Stephen H. Weed
Stephen Hinsdale Weed
|Born||November 17, 1831|
Potsdam, New York
|Died||July 2, 1863 (aged 31)|
Gettysburg, Pennsylvania †
|Place of burial|
Moravian Cemetery, New Dorp, Staten Island, New York
|Allegiance||United States of America|
|Service/||United States Army|
|Years of service||1854–1863|
|Commands held||5th U.S. Light Artillery, Battery I|
|Battles/wars||American Civil War|
Stephen Hinsdale Weed (November 17, 1831 – July 2, 1863) was a career military officer in the United States Army. He was killed defending Little Round Top during the Battle of Gettysburg in the American Civil War.
Early life and career
Weed was born in Potsdam, New York, the second of four children born to John Kilbourne and Charity Winslow Weed. He was appointed to the United States Military Academy, graduating 27th of 46 students in the Class of 1854. Among his classmates were ten other future Civil War generals, including Oliver O. Howard and J.E.B. Stuart. He received a brevet rank of second lieutenant and was assigned to the 2nd U.S. Artillery on July 1, 1854. He served on frontier duty in Texas. In December, he received his regular rank of second lieutenant in the 4th U.S. Artillery.
Two years later, he was promoted to first lieutenant and fought in Florida in the Seminole Wars in 1856–57. He was engaged in quelling the Kansas disturbances in 1858. By now a combat veteran commanding Battery B, 4th U.S. Artillery, he participated in the Utah War, helping restore order to the territory. He saw action again fighting Indians at the Battle of Egan Station in the Utah Territory on August 11, 1860, and at the Battle of Deep Creek on September 6, 1860.
With the outbreak of the Civil War, Weed was promoted captain of the newly formed Battery I, 5th U.S. Artillery in May 1861. He remained at Camp Curtin in Harrisburg, Pennsylvania, training his crews until the spring of 1862, when they served in the Peninsula Campaign and at Second Bull Run. He commanded his battery during the fierce artillery duel at Antietam. Promoted to command of all the artillery of the V Corps, his guns were in action at the Battle of Fredericksburg. From December 1862 through January 1863, he was stationed at Falmouth, Virginia. After a short leave of absence, he took part in the Battle of Chancellorsville, commanding the artillery of the 2nd Division, V Corps. On June 6, 1863, Weed left the regular army artillery to accept a commission as a brigadier general in the volunteer army. He was assigned command of 3rd Brigade in the 2nd Division, V Corps.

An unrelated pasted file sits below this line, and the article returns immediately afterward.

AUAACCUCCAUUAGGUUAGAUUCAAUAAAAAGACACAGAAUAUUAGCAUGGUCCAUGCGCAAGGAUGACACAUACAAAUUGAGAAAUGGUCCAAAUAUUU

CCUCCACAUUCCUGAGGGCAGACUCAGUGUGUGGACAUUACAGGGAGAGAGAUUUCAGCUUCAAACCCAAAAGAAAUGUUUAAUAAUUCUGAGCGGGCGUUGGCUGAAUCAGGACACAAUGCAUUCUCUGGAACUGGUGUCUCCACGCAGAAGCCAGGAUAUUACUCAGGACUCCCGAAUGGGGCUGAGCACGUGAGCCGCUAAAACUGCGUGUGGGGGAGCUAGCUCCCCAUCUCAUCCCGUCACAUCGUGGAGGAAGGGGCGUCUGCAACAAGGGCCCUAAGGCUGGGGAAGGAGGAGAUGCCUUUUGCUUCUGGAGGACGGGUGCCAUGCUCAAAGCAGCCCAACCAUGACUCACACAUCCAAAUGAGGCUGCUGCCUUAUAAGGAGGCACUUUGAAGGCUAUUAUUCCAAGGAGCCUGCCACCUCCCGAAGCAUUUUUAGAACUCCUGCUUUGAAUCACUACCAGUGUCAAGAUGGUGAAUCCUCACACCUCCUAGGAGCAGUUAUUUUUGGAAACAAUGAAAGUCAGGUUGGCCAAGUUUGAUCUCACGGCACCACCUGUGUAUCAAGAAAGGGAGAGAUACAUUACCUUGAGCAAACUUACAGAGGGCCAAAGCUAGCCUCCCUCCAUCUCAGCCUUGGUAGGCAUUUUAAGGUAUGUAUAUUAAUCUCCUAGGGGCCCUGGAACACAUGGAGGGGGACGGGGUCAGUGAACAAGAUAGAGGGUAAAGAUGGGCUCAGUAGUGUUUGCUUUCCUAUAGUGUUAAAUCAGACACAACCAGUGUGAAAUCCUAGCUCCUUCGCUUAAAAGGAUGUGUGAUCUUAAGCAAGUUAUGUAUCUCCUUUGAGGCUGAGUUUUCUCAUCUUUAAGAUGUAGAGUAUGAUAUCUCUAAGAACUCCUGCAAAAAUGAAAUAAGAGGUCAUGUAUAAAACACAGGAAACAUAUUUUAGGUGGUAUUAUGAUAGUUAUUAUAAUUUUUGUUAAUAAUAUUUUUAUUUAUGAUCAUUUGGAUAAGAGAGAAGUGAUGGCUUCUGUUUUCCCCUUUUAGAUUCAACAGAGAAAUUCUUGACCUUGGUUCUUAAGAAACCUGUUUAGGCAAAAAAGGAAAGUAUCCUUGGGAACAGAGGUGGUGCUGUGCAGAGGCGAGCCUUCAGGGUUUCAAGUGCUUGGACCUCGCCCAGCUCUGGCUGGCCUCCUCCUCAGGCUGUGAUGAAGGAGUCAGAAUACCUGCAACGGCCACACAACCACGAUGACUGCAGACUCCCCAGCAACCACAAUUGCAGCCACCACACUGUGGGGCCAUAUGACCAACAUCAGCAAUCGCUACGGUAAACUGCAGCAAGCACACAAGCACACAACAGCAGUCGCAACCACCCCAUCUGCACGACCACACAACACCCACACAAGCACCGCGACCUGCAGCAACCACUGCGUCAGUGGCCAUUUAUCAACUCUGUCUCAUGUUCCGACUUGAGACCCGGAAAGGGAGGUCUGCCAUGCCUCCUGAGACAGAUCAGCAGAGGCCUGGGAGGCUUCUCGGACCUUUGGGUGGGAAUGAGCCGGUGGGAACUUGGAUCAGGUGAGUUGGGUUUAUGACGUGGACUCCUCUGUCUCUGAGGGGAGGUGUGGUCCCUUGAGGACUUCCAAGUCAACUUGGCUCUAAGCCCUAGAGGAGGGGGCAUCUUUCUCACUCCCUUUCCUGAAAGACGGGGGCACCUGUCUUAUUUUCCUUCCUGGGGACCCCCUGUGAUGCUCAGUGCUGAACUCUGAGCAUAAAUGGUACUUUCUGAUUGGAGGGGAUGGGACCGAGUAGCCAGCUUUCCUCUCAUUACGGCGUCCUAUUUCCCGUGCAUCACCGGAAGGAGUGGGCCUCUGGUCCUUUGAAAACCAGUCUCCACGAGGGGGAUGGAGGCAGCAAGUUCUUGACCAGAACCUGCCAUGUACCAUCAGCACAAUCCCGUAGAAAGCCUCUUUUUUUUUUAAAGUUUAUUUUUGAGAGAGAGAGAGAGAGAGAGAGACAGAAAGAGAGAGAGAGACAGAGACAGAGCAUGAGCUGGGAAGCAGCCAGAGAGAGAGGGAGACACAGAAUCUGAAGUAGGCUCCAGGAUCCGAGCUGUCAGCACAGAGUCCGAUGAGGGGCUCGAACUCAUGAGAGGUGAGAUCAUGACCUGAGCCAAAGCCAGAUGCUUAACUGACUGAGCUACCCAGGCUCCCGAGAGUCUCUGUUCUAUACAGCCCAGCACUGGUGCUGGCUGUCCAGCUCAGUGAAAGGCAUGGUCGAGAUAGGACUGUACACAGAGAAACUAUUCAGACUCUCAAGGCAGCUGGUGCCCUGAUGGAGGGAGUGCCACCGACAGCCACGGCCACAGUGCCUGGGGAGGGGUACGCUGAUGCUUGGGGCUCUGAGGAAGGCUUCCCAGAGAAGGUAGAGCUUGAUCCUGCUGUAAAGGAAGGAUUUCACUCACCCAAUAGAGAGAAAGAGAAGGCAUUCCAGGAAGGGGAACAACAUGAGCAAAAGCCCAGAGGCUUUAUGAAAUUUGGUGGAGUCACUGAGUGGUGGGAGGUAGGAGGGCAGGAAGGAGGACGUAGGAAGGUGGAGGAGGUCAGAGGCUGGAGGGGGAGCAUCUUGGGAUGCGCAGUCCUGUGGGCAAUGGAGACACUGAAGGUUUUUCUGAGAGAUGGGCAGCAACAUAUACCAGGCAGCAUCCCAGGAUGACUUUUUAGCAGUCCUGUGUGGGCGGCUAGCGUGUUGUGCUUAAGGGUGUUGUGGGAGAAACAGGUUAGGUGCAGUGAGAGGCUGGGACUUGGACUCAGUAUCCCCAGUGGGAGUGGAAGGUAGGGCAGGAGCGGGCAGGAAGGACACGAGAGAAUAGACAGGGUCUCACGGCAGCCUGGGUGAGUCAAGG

At Gettysburg, his brigade went to the relief of Col. Strong Vincent's brigade on Little Round Top. His vanguard repelled a Confederate attack that had outflanked Vincent's right. Col. Patrick O'Rorke of the 140th New York Infantry was killed leading that counterattack. Elements of Weed's brigade helped move the guns of Lt. Charles E. Hazlett's Battery D, 5th United States Artillery to the top of the hill. Weed was mortally wounded in the chest (possibly by a sharpshooter hidden in Devil's Den) while standing near these guns. His last words were reported as "I would rather die here than that the rebels should gain an inch of this ground." Lt. Hazlett was killed trying to hear what Weed was saying. Command of the brigade fell to Col. Kenner Garrard of the 146th New York Infantry.
According to Tillie Pierce, a young girl from Gettysburg who witnessed the horrors of the battle from the Weikert farm on Taneytown Road just to the east of Little Round Top, Weed died in the Weikert's "basement", which served as the "cellar-kitchen." Not knowing who the man was, Tillie watched over him briefly while an attending soldier stepped away, whereupon she asked "the wounded soldier" if there was anything she could do for him: "Will you promise to come back in the morning to see me," he asked. She promised to do so, and, as she got up to leave for the night, Weed reminded, "Now don't you forget your promise." The next morning, she "hastened down to the little basement room," but "the soldier lay there -- dead. His faithful attendant was still at his side." As she "stood there gazing in sadness at the prostrate form, the attendant looked up . . . and asked: 'Do you know who this is?" When she said no, he replied, "This is the body of General Weed; a New York man."
Redoubt A of the military defenses around Washington, D.C., was renamed "Fort Weed" in September 1863 in his memory. Following the war, Post #91 of the Grand Army of the Republic in New York City was named the Stephen H. Weed Post. In 1902, Army General Orders No. 16 renamed a portion of Fort Wadsworth along The Narrows in New York Harbor as Battery Weed. In 1930, a street in New Dorp Beach, Staten Island was named Weed Avenue, dedicated to Stephen H. Weed.
- Eicher, p. 614, states that the appointment to brigadier general was not confirmed by the Senate. Warner, p. 548, does not make this distinction.
- Report of the Secretary of War, 1860, pages 94-95
- At Gettysburg, or, What a Girl Saw and Heard of the Battle. A True Narrative. by Mrs. Matilda "Tillie" Pierce Alleman (1848-1914). New York, W. Lake Borland, 1889.
- Eicher, John H., and David J. Eicher. Civil War High Commands. Stanford, CA: Stanford University Press, 2001. ISBN 0-8047-3641-3.
- Heitman, Francis B. Historical Register and Dictionary of the United States Army; From Its Organization, September 29, 1789, to March 2, 1903. 2 vols. Urbana: University of Illinois Press, 1963. ISBN 0-942211-73-1. First published 1903 by U.S. Government Printing Office.
- Warner, Ezra J. Generals in Blue: Lives of the Union Commanders. Baton Rouge: Louisiana State University Press, 1964. ISBN 0-8071-0822-7.
- Alleman, Matilda "Tillie" Pierce, At Gettysburg, or, What a Girl Saw and Heard of the Battle. A True Narrative. New York, W. Lake Borland, 1889. ISBN 0-935523-07-3.